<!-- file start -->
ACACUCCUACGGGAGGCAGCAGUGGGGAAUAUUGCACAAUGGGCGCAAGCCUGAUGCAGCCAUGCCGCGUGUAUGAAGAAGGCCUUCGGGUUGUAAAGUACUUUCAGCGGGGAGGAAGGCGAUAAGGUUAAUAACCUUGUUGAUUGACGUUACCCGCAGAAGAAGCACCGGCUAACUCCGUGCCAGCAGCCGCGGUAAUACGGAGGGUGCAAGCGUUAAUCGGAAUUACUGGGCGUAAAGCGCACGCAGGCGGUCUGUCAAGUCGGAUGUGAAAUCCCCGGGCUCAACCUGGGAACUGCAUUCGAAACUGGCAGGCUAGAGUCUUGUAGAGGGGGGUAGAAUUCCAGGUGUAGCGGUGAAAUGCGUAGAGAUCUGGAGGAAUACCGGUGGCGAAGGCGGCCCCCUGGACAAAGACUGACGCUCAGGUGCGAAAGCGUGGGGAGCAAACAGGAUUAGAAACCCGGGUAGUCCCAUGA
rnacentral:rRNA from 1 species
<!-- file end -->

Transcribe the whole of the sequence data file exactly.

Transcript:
ACACUCCUACGGGAGGCAGCAGUGGGGAAUAUUGCACAAUGGGCGCAAGCCUGAUGCAGCCAUGCCGCGUGUAUGAAGAAGGCCUUCGGGUUGUAAAGUACUUUCAGCGGGGAGGAAGGCGAUAAGGUUAAUAACCUUGUUGAUUGACGUUACCCGCAGAAGAAGCACCGGCUAACUCCGUGCCAGCAGCCGCGGUAAUACGGAGGGUGCAAGCGUUAAUCGGAAUUACUGGGCGUAAAGCGCACGCAGGCGGUCUGUCAAGUCGGAUGUGAAAUCCCCGGGCUCAACCUGGGAACUGCAUUCGAAACUGGCAGGCUAGAGUCUUGUAGAGGGGGGUAGAAUUCCAGGUGUAGCGGUGAAAUGCGUAGAGAUCUGGAGGAAUACCGGUGGCGAAGGCGGCCCCCUGGACAAAGACUGACGCUCAGGUGCGAAAGCGUGGGGAGCAAACAGGAUUAGAAACCCGGGUAGUCCCAUGA
rnacentral:rRNA from 1 species